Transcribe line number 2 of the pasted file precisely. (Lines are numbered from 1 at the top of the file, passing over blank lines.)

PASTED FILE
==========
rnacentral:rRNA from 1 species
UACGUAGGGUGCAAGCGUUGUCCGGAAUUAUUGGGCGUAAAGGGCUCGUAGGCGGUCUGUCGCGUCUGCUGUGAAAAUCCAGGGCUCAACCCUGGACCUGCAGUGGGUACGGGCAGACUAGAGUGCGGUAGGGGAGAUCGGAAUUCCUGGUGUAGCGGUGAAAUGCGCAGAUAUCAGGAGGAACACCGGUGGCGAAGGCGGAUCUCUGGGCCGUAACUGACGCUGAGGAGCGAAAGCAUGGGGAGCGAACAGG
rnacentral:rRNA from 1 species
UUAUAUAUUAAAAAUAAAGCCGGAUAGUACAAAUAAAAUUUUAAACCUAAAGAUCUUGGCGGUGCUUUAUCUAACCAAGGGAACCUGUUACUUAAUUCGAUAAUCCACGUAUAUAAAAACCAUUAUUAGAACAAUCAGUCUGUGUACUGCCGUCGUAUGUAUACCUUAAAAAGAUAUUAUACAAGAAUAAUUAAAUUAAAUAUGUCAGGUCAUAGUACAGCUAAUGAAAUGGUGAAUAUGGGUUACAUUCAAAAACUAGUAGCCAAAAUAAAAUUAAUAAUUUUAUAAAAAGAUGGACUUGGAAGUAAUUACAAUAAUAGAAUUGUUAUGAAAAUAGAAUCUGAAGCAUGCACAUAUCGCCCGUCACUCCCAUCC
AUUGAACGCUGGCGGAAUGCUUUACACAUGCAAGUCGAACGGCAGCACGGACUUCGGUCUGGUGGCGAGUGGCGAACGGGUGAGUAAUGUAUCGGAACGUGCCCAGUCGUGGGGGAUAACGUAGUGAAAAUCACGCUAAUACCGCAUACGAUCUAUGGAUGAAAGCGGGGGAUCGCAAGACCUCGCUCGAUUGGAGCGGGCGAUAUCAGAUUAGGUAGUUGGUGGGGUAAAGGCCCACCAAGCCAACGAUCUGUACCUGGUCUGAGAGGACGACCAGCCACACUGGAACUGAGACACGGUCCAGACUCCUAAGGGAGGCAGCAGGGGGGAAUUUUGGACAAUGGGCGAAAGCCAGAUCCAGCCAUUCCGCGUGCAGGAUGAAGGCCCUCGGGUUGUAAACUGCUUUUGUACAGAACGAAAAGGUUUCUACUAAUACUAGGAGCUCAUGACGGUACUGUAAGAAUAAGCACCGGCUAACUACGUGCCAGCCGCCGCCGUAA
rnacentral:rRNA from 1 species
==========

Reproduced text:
UACGUAGGGUGCAAGCGUUGUCCGGAAUUAUUGGGCGUAAAGGGCUCGUAGGCGGUCUGUCGCGUCUGCUGUGAAAAUCCAGGGCUCAACCCUGGACCUGCAGUGGGUACGGGCAGACUAGAGUGCGGUAGGGGAGAUCGGAAUUCCUGGUGUAGCGGUGAAAUGCGCAGAUAUCAGGAGGAACACCGGUGGCGAAGGCGGAUCUCUGGGCCGUAACUGACGCUGAGGAGCGAAAGCAUGGGGAGCGAACAGG